|Dame Emma Albani|
1 November 1847
Chambly, United Province of Canada
|Died||3 April 1930
Kensington, England, United Kingdom
Dame Emma Albani, DBE (1 November 1847 – 3 April 1930) was a leading soprano of the 19th century and early 20th century, and the first Canadian singer to become an international star. Her repertoire focused on the operas of Mozart, Rossini, Donizetti, Bellini and Wagner. She performed across Europe and North America.
Albani was born Marie-Louise-Emma-Cécile Lajeunesse in Chambly, United Province of Canada to the professional musician Joseph Lajeunesse and his wife, Mélina Mignault. Her date of birth is usually given as 1 November 1847, but other authors have placed her birth in 1848 or 1850, and Albani's memoir puts her birth in 1852. She began her musical studies with her mother, and at age five her father took over her musical lessons. Her father was a proficient musician who was skilled with the violin, harp, piano and organ. He kept her on a strong practice regimen, with as much as four hours a day of lessons on the harp and piano.
The family moved to Plattsburgh, New York in 1852. In 1856 after the death of her mother, she continued her education in a Montreal convent-school, run by the Dames du Sacré-Coeur where her father had obtained the position of Music Master. This afforded her a better education than she might otherwise receive, and additional musical instruction. On 24 August 1860 she and Adelina Patti were soloists in the world premiere of Charles Wugk Sabatier's Cantata in Montreal which was performed in honour of the visit of the Prince of Wales. However, she was ultimately unable to finance a musical education in Quebec, where singing and acting were considered unsavoury careers for a woman, and her family moved to Albany, New York in 1865. There she became a popular singer, an organist and teacher of singing and saved enough money to continue her studies.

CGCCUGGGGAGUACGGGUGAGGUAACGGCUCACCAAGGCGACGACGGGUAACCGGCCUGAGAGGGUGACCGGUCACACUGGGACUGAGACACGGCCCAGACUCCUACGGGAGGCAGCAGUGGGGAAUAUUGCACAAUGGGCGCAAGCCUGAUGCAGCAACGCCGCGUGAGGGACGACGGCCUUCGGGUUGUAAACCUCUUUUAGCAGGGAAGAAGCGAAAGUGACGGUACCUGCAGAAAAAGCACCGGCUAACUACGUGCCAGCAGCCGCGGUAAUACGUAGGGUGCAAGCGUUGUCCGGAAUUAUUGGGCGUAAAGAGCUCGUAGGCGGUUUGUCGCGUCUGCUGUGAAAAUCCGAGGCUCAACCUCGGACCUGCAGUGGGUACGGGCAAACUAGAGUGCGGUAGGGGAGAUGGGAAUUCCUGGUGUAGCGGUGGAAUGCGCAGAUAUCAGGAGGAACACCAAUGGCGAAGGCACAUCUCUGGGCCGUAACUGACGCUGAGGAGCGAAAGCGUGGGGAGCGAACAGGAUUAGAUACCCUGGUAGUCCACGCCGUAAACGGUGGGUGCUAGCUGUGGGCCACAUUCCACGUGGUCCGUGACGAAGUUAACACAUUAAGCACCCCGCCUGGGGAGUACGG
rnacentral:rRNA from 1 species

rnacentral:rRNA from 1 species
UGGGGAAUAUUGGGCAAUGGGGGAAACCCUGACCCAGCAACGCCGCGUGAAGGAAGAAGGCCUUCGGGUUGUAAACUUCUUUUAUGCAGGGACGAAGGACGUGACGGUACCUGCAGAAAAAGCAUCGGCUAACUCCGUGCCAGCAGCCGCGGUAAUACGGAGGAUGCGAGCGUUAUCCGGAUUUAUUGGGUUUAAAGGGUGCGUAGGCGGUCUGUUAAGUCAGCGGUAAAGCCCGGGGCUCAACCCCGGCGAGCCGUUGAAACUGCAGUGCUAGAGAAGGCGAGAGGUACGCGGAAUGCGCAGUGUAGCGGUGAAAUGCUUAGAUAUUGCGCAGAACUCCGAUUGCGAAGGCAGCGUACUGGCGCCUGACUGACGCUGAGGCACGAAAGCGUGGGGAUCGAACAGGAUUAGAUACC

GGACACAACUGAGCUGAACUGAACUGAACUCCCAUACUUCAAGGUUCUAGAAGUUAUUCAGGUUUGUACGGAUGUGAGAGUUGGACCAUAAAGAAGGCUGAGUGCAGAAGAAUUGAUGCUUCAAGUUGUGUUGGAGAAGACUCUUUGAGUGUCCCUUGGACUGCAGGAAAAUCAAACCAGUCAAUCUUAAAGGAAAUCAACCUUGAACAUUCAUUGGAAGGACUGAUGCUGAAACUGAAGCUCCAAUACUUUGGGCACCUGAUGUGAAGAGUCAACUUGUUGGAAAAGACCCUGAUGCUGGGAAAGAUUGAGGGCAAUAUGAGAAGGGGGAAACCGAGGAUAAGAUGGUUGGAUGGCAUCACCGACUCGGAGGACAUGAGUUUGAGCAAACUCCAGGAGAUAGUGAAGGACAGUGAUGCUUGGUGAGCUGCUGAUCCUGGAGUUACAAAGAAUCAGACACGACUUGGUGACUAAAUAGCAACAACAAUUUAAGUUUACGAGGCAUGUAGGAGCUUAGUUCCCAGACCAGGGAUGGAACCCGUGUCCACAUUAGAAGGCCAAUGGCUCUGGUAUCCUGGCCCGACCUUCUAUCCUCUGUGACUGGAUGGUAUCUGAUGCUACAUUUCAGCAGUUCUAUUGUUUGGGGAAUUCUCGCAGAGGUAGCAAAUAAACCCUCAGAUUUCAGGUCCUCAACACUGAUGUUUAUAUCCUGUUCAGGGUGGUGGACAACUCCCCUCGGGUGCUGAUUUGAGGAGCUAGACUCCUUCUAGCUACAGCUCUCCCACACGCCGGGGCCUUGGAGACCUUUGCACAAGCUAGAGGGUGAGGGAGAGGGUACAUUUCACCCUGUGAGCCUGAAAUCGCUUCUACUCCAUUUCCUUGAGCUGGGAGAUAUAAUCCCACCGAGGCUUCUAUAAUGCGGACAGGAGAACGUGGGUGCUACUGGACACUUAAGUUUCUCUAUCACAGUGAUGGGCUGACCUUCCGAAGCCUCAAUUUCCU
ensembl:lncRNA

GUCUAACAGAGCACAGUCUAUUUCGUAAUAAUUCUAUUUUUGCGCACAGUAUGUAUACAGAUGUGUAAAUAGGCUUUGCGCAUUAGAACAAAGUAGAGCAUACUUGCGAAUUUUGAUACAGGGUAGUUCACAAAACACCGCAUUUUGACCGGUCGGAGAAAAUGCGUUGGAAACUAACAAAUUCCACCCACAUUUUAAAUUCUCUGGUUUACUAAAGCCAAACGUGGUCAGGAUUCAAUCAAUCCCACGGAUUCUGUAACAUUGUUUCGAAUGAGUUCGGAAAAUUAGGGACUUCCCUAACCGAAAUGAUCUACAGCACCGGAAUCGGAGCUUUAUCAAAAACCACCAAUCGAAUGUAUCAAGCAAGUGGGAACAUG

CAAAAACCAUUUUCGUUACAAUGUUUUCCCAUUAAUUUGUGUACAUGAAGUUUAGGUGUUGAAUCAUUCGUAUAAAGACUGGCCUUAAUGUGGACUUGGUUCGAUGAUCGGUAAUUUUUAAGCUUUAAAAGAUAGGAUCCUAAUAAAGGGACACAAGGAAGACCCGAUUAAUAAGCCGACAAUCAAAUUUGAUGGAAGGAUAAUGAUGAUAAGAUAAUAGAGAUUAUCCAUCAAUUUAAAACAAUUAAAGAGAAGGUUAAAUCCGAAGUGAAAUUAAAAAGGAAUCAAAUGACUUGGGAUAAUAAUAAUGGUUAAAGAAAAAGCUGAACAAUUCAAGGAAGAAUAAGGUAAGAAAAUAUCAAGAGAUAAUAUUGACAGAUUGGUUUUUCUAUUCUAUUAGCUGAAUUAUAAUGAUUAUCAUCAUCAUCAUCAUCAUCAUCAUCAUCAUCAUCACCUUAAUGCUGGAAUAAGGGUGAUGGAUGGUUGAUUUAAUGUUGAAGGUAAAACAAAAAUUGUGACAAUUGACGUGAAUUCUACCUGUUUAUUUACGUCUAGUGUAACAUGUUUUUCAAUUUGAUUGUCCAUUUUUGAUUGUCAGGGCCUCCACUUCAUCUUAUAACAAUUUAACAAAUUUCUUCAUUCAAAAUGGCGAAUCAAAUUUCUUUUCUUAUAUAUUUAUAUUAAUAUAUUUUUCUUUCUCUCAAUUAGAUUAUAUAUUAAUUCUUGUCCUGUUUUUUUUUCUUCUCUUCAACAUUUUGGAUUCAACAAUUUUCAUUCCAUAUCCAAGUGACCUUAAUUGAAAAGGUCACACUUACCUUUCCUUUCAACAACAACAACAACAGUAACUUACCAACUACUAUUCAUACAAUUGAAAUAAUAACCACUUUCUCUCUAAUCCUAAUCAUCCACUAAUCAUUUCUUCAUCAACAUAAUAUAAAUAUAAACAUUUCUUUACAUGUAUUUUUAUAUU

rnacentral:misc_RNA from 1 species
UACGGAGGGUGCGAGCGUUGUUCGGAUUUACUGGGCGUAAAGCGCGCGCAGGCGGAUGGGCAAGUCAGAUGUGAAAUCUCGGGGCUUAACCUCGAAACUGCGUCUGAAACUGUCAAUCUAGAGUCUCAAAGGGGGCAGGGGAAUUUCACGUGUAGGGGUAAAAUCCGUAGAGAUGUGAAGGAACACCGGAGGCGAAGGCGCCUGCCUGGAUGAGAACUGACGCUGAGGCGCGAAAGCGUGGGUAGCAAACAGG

In 1868, she travelled to Paris, where she studied with Gilbert Duprez at the Conservatoire de Paris. She spent six months in Paris, training with Duprez. She then travelled to Italy, where she studied Italian opera singing with Francesco Lamperti. Under the guidance of her elocution instructor, Signor Delorenzi, she changed her name to the simpler Emma Albani, which sounded more European. In 1870 she made her debut at Messina in Vincenzo Bellini's La sonnambula using the surname Albani.
Development in Italy
Her funds began to run low, and although her training was not yet complete she began to look for work to help support her schooling. She found a position in Messina, and her operatic debut was on 30 March 1870, in Messina, playing Amina in La sonnambula. Her debut performance was very well received. She later recalled:
I was literally loaded with flowers, presents, and poetry, the detached sheets of which were sent fluttering down in every direction on the heads of the audience; and among the numberless bouquets of every shape was a basket in which was concealed a live dove. They had painted it red, and the dear little bird rose and flew all over the theatre.—Emma Albani, on her debut performance